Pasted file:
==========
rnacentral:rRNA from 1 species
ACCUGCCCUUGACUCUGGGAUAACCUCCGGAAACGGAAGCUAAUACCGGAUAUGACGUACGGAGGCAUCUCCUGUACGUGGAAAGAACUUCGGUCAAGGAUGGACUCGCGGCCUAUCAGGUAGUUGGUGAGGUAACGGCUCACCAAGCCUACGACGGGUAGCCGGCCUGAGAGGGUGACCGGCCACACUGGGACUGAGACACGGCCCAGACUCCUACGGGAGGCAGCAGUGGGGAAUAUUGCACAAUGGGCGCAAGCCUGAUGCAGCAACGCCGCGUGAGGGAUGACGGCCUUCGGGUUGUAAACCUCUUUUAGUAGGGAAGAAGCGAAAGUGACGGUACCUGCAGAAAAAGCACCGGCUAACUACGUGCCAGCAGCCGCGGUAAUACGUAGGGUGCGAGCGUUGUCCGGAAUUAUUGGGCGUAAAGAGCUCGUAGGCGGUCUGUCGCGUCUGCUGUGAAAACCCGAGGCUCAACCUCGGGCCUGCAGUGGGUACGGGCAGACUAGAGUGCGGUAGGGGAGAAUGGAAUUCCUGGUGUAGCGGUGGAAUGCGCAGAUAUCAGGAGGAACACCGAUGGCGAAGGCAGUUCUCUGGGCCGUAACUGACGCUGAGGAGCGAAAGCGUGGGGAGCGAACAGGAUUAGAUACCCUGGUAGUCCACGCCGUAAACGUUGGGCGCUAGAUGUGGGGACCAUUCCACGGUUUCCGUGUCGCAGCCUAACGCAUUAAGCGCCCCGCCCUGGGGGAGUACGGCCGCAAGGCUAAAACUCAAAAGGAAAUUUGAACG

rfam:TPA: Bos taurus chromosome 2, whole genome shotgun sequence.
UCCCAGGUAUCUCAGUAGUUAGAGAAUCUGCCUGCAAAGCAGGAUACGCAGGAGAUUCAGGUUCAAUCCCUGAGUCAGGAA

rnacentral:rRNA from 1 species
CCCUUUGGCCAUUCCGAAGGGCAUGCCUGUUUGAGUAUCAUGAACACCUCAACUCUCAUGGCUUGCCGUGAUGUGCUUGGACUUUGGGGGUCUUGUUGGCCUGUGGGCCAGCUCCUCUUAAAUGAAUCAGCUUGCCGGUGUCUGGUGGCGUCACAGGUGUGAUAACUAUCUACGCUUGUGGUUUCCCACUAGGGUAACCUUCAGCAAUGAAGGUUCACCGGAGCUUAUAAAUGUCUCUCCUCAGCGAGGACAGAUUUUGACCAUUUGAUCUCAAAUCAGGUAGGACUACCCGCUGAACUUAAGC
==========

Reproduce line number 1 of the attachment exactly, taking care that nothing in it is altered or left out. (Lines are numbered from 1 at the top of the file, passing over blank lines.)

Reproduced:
rnacentral:rRNA from 1 species